Black is not only beautiful, it’s also brilliant.
But that’s not the message many educated, intelligent black men hear from the popular media. Just ask Gregory Walker, a cultural and civic activist who lives in Washington Square West.
“Intellectual African-American men, including the writer of this article, have been underrepresented in our country and culture,” he said when I sat down to interview him recently. “So we try to find community in places that do not support African-American intellect. We want to change the stigma of anti-intellectualism and define a new narrative for the African-American male voice in American culture.”
That “we” of which Walker spoke would be the men involved in the Brothers Network, a social, networking, and discussion group that grew out of a book discussion circle Walker established last summer. From that first discussion, which focused on Philadelphian James Bean’s groundbreaking anthology of essays In the Life, the organization has gone on to sponsor readings, talks and social events. On Friday, Feb. 20, it’s celebrating Black History Month by partnering with the Philadelphia Theatre Company to sponsor a discussion around PTC’s production of Resurrection, a new play by Obie Award-winner Daniel Beaty that examines just what it means to be a black man in America today.
The play traces the ways in which a 10-year-old boy transforms the lives and spirits of five African-American men ranging in age from 20 to 60. The collection of men in the play could serve as a microcosm of the Brothers Network in terms of class, age, education, and even sexual orientation.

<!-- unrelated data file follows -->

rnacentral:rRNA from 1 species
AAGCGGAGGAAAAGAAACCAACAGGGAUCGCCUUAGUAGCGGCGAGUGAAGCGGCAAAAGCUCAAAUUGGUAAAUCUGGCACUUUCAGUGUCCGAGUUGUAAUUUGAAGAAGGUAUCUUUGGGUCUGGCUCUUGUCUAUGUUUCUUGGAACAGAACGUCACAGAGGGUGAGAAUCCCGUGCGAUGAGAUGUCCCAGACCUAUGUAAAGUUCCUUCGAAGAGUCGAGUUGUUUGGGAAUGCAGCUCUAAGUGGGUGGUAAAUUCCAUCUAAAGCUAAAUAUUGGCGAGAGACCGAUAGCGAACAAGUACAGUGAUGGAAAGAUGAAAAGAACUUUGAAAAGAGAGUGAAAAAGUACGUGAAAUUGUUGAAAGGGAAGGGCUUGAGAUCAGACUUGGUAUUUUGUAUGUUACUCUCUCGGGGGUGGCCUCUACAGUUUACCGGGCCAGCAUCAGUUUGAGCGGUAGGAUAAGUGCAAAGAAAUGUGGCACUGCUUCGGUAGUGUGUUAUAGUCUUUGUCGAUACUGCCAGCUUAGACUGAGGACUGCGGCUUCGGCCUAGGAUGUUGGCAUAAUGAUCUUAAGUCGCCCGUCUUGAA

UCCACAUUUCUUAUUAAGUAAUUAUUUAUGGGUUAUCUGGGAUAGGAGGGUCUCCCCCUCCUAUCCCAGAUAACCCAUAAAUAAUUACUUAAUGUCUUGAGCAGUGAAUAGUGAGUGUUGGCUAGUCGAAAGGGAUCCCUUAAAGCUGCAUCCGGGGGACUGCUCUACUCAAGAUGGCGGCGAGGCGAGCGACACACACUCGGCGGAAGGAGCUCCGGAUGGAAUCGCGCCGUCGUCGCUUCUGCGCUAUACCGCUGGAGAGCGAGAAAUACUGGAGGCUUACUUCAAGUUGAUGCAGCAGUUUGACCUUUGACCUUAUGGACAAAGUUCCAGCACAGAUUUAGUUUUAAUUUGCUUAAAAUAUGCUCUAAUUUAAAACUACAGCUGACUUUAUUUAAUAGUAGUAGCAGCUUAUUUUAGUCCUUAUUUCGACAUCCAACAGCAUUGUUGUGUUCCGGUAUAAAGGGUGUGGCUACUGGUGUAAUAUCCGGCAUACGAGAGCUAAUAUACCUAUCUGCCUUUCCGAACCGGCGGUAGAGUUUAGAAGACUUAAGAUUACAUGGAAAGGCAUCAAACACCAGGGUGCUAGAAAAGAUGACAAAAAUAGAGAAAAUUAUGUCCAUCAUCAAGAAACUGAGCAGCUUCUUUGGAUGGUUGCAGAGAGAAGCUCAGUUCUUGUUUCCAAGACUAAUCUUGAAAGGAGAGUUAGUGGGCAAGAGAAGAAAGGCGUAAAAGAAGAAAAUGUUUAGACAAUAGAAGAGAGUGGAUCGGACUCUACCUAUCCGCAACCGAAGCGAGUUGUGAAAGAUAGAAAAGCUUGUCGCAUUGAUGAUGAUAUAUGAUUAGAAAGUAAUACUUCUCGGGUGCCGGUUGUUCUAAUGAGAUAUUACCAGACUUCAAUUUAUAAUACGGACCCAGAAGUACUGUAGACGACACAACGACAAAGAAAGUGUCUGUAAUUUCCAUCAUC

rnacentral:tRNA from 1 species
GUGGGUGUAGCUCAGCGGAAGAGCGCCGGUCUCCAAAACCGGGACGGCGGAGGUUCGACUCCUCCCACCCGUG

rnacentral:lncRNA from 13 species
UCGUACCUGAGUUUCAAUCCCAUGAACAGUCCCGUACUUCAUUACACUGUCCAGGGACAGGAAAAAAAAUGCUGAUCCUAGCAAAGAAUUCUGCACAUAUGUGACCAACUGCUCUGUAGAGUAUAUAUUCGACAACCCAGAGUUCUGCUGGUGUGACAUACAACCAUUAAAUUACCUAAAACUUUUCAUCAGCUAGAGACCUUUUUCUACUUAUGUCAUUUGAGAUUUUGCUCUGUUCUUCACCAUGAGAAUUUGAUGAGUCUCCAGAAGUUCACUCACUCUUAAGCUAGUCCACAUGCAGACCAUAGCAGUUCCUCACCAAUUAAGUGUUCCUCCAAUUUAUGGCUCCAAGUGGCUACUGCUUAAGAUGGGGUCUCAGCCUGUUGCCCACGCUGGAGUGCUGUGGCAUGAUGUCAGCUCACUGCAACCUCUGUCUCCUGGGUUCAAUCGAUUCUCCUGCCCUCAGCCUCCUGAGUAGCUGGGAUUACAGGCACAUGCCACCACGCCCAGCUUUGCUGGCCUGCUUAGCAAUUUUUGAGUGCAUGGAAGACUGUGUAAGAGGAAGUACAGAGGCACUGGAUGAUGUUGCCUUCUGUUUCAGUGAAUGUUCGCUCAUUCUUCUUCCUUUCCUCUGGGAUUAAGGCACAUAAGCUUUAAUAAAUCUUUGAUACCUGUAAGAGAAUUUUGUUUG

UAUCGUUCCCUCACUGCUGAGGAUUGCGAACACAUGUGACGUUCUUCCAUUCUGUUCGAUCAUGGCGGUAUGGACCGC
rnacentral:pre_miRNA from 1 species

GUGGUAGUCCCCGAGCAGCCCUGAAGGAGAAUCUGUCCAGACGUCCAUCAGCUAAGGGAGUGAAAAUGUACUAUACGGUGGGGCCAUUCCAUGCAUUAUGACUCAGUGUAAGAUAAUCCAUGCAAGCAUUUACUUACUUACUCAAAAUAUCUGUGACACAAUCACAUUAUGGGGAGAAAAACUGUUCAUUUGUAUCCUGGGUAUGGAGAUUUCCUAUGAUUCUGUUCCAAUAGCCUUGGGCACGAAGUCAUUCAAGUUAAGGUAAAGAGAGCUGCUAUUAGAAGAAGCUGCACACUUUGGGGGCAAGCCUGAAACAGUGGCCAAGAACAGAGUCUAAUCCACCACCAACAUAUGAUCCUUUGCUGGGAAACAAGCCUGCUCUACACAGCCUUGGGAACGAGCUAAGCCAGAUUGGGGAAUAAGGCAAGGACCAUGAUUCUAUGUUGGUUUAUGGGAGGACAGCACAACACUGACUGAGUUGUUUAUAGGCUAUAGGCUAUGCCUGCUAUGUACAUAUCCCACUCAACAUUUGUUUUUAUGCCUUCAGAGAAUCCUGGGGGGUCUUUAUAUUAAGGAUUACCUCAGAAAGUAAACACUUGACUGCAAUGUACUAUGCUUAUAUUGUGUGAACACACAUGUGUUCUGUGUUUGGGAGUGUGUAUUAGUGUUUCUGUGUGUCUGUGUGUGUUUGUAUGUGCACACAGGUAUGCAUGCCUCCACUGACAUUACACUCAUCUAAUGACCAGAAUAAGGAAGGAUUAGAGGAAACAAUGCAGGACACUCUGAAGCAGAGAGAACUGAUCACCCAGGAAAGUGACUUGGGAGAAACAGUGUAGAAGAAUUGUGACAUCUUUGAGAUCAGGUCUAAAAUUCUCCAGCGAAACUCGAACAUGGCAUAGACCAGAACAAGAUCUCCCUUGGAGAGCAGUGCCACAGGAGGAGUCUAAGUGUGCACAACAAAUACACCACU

Even though its first large event featured gay black social critic Ernest Hardy, the Brothers Network does not define itself in terms of sexuality: “We are a collection of postmodern sexual beings – ‘pomosexuals’, if you will,” Walker said, and straight men play important roles as members of both the organization and its advisory board.
“This is about bringing people together around issues of common interest rather than focusing on what divides people,” Walker said, “and that’s what makes us unique. I think that there are very few spaces where gay and non-gay black men can come together and share our stories without stigma.”
That such spaces are rare can be linked to both historic black invisibility within the gay community and to black homophobia, among other reasons. Just about all of us who are black and gay can recall meeting smart, successful openly gay black men who, for whatever reason, feel they cannot be who they are outside tightly defined settings. Similarly, messages many straight black men receive from such places as the church pulpit – including fulminations against homosexuality from preachers who protest too much – make them reluctant to embrace their gay brothers. Brothers Network was created so both these groups can get to know each other in a supportive environment.
Needless to say, though hip-hop culture is also fair game for discussion, the Brothers Network isn’t about baggy pants, beats and bling. The idea of a space where people like me could be who we are without having our status as black men questioned appealed to me from the moment Walker first mentioned it to me, and I’m looking forward to being part of the audience for Resurrection next month. Maybe I’ll see you there too.
The Brothers Network “Resurrection” event on Feb. 20 includes tickets to the play, a VIP reception, and a pre-performance discussion with playwright Daniel Beaty, director Oz Scott, local performance artists and other prominent community members. The event begins at 6:30 p.m. at the Suzanne Roberts Theatre, Broad and Pine streets. Tickets for the event are $45 and can be ordered through Jan. 31 from the Suzanne Roberts Theatre box office at 215-985-0420; mention Brothers Network when ordering to receive the special package price. For more information about the Brothers Network, e-mail [email protected]
Interested in “Resurrection” but don’t think the Brothers Network is for you? Join PTC for its “Night OUT” reception, included with your ticket, before the Feb. 5 performance. See the calendar listing for more information or visit www.philadelphiatheatrecompany.org/events/nightout.html online.